Brothers in Fire

by twinink on October 25, 2012

(This article appeared in the Oct-Nov 2012, Hana Hou Magazine)

Photos by Elyse Butler and Matt Mallams

At first there is only darkness broken by the steady beat of a lalidrum. Another lali joins the rhythm, then five more, the noise building like slow-rolling thunder until, in an instant, it stops. Suddenly a blue and ghostly flame lights the stage as Viavia “VJ” Tiumalu holds aloft a nifo oti knife, its hooked tip on fire. With his naked palm, he drags the flame down the length of the steel blade, setting it ablaze. Then the defending world fireknife champion raises it high like a warrior of old, lets out a wild cry and begins to dance.

Let’s be clear: This is not your grandfather’s fireknife dancing. You may think you know all about those twirling rings of fire—perhaps you’ve seen them at a lu‘au, in a Cirque du Soleil show, even in Lilo and Stitch—but until you’ve witnessed the dancing at the World Fireknife Championship, you haven’t seen the best. The event, which takes place over four nights every May at the Polynesian Cultural Center on O‘ahu’s North Shore, has grown to become the Olympics of the fireknife dancing world. In 2012 the championship marked its twentieth anniversary and welcomed more than forty professional dancers who’d come from all over the globe. The ones to beat: Rex and VJ Tiumalu from Orlando, 2011’s defending champions, Rex in the intermediate division, VJ overall. Only this year there was a twist: with Rex now old enough to qualify for the overall division, 2012 marked the first time the brothers would compete against each other … and both were determined to win.

With their powerful bodies and their long hair pulled into matching buns, the Tiumalu brothers look much the same—but the similarities mostly end there. “We’re close in our dancing but not in anything else,” Rex confides as he and VJ recline together pre-competition on a lauhala mat in a thatched fale (house) in the PCC’s Samoan Village. “Outside the stage we are very different people. I’m outgoing and VJ is very serious.” As if to highlight this, Rex breaks away to greet a rival dancer while VJ stays seated. Only two years older than his 18-year-old brother, he radiates an intensity far removed from Rex’s boisterous charm. “We are brothers,” VJ concurs, “but we very much stand alone.”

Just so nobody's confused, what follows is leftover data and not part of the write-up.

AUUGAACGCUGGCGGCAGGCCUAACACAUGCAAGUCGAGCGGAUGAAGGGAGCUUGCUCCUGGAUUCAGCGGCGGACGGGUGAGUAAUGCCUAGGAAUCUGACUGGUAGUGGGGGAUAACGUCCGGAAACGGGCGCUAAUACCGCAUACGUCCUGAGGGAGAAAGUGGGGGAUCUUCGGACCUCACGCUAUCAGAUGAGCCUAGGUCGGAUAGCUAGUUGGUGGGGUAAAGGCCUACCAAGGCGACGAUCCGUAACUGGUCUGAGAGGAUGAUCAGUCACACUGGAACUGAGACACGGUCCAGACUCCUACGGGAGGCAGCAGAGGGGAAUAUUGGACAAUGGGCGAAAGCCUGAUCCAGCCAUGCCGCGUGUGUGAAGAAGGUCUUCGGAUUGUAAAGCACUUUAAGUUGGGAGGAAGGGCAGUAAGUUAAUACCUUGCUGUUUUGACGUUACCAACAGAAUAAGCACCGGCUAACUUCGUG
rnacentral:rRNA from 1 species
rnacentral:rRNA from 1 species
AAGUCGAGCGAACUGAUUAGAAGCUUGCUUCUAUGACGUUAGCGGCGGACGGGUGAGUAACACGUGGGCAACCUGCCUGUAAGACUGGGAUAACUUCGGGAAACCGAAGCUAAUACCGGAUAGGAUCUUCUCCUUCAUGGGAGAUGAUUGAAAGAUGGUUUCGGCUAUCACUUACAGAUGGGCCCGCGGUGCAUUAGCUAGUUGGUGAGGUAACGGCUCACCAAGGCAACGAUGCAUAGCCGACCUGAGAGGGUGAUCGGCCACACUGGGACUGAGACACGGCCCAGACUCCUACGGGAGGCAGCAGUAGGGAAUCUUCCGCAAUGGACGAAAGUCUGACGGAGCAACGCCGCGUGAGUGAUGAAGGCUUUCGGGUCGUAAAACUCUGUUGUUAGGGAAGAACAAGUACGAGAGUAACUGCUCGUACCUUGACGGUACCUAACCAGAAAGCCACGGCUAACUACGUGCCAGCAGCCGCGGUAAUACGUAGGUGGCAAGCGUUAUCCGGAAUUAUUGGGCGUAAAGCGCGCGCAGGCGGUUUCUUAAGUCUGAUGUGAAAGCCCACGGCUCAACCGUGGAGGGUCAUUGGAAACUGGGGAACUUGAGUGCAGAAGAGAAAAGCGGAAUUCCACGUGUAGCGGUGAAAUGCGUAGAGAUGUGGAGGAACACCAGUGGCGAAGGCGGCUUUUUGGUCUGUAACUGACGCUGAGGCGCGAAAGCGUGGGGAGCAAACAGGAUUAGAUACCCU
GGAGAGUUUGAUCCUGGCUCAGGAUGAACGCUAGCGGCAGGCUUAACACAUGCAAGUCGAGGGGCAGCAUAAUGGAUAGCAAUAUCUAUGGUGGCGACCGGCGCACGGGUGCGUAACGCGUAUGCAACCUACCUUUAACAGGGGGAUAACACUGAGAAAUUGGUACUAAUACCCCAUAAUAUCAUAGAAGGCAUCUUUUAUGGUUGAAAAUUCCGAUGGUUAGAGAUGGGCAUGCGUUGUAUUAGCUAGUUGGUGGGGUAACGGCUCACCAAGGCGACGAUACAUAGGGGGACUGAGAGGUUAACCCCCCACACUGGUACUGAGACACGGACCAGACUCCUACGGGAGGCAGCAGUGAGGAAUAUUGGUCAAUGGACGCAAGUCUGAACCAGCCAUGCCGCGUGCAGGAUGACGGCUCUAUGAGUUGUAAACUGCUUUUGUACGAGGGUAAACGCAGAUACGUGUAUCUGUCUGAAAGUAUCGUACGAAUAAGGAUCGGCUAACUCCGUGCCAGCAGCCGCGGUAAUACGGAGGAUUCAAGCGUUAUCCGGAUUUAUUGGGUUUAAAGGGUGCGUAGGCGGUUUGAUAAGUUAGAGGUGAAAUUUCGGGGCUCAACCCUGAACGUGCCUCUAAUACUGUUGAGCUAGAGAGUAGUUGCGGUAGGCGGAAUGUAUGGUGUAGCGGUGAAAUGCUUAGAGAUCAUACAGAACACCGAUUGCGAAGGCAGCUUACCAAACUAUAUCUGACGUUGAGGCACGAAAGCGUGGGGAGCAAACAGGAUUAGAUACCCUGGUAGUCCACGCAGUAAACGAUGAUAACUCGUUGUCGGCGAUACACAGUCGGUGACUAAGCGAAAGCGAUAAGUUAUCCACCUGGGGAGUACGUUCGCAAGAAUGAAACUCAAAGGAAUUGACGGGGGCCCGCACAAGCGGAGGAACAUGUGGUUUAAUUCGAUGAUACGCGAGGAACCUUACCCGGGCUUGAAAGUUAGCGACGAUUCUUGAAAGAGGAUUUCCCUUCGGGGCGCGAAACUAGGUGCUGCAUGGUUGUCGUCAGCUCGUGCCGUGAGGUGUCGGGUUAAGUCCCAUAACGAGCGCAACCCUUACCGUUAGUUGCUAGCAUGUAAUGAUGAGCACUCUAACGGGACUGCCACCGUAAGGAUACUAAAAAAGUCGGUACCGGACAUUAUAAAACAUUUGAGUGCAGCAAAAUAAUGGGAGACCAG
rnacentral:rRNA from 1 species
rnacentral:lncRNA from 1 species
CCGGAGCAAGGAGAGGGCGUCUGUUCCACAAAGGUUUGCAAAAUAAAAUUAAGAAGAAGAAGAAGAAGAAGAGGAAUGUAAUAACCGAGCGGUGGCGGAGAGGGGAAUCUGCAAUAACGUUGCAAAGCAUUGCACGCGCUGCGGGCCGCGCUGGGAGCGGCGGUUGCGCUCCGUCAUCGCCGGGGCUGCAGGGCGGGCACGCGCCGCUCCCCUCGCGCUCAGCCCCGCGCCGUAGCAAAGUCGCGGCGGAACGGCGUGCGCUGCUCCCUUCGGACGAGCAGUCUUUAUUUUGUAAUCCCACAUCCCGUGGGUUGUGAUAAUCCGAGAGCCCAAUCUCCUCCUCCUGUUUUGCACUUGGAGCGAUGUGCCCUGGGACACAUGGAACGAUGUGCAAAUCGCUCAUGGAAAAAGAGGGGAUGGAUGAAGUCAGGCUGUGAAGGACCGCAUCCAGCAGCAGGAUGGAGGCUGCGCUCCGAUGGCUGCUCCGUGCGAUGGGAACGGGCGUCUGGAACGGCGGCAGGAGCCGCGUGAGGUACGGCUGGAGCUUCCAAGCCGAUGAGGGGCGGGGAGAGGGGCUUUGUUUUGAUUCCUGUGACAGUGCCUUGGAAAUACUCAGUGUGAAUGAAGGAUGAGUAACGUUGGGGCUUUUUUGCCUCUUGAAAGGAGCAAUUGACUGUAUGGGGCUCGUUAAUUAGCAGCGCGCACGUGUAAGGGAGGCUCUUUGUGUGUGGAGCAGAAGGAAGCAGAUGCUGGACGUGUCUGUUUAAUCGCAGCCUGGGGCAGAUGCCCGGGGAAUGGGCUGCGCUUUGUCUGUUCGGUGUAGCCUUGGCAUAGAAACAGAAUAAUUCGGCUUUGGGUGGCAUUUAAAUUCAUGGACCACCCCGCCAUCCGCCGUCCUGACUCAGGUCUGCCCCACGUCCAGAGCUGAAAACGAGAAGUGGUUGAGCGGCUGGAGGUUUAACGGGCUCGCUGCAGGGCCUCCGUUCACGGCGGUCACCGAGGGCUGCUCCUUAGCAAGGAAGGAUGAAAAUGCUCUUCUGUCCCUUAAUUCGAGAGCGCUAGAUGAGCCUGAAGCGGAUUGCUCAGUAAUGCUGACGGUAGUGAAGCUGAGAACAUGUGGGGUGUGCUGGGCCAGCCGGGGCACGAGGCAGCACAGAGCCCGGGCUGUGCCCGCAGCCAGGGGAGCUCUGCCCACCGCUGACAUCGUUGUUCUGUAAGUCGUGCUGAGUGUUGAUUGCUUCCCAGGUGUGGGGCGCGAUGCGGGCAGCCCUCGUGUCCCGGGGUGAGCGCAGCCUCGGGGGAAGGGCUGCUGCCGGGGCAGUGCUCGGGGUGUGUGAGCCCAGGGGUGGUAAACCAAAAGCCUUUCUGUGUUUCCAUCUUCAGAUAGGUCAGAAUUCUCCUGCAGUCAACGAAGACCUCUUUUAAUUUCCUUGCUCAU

On the first two nights of the 2012 competition, the Tiumalu brothers’ routines come just minutes apart, Rex taking the stage before VJ in both rounds. Every dancer has a different style — some are more fluid, some flashy, some fierce. Rex casts himself in that last mold: “You have to come out furious. It’s not a baton-twirling competition. It’s not a circus act. This is a Samoan warrior dance.” He launches into his act, his knife a blurred spinning circle of fire that he tosses seamlessly from hand to hand. “I try to dance like I’m fighting someone in battle,” he says. His dream is to one day become another Dwayne “The Rock” Johnson, and when he isn’t dancing, he’s training in his uncle’s wrestling school. “Performance is my passion,” Rex asserts.

VJ follows shortly after with a more muted and mesmerizing routine. He doesn’t leap or tumble; his dance is smooth and fast, with nothing forced or strained. Ambidextrous, VJ can spin two knives in opposite directions simultaneously, a feat no one else can match. “Rex puts more anger into his dance,” VJ says. “For me it just flows. Once I get my knife spinning, it’s like it won’t stop.”

It was that unique ability that set VJ apart in the competition in 2011 and won him the world title—and this year it sends him sailing into this competition’s final three. Rex, though, does not advance. Offstage the elder Tiumalu remains modest, moving and speaking with a languor that’s in direct contrast to the velocity with which he performs. “For me it isn’t just about winning,” VJ says. “I want people to learn about our culture, where we come from.”

One of the people the Tiumalu brothers have inspired is Preston Weber, who also hails from Florida. Just 13, Preston has won every fireknife dance competition he’s entered, and in 2012 he became the youngest dancer ever to win the PCC’s intermediate division, taking the title Rex won the year before. Preston is largely self-taught and was the only non-Polynesian in competition. “People tell me I’ve made the record books because I’m the first full Caucasian to ever win,” shrugs Preston the night after being crowned. Given that the dance is so deeply rooted in Samoan heritage, his win is no small feat. And both Rex and VJ, who occasionally mentor the young champ back in Florida, see this as a good thing.

“Preston is a perfect example of how fireknife dancing inspires many kids,” says VJ. “To have him represent our culture only makes it stronger.”